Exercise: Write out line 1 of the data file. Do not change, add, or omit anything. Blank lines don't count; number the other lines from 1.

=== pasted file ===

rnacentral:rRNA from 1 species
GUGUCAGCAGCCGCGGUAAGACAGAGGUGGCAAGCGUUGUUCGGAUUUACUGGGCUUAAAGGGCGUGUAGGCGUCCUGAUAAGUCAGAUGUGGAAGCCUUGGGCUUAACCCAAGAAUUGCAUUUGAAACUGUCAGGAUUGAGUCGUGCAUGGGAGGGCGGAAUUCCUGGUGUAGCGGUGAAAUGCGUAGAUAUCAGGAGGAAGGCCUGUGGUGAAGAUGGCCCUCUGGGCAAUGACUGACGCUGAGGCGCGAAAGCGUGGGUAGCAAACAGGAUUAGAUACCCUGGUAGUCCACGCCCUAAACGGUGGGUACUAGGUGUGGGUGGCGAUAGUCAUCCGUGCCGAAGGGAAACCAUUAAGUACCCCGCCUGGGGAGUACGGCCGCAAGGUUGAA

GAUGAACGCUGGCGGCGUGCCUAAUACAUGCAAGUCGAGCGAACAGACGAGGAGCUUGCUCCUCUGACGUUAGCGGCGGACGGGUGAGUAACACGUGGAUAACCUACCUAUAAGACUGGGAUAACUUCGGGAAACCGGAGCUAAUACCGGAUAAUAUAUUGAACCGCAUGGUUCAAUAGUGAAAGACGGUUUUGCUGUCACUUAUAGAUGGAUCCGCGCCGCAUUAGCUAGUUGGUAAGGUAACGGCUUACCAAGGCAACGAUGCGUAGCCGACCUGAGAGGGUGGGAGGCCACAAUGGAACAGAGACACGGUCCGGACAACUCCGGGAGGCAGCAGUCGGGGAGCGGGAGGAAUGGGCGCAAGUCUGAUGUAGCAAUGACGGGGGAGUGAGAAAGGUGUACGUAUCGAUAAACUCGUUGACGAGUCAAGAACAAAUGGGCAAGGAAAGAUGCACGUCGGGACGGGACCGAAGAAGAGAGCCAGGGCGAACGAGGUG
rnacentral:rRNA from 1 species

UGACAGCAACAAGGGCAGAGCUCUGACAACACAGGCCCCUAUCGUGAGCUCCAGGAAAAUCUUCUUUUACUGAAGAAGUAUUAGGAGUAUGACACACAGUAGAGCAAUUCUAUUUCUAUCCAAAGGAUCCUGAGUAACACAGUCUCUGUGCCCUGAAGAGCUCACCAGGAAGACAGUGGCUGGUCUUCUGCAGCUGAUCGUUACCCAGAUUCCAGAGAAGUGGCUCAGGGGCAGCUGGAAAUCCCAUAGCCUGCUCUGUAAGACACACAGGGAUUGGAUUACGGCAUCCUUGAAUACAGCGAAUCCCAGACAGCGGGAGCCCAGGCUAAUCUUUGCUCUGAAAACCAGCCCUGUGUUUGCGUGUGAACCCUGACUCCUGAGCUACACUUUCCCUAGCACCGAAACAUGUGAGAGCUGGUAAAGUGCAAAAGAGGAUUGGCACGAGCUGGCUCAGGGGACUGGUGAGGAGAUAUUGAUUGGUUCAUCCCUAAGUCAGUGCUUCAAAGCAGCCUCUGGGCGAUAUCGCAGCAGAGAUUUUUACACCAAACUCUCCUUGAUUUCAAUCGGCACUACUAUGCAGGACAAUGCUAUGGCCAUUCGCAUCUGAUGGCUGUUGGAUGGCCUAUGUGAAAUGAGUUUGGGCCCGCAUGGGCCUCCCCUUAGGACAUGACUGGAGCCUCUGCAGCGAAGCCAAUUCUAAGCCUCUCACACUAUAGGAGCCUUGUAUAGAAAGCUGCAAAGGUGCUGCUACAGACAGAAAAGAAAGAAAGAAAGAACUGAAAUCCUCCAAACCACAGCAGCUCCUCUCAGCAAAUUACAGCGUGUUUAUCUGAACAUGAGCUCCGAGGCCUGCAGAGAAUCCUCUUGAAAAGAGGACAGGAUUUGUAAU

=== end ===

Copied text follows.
rnacentral:rRNA from 1 species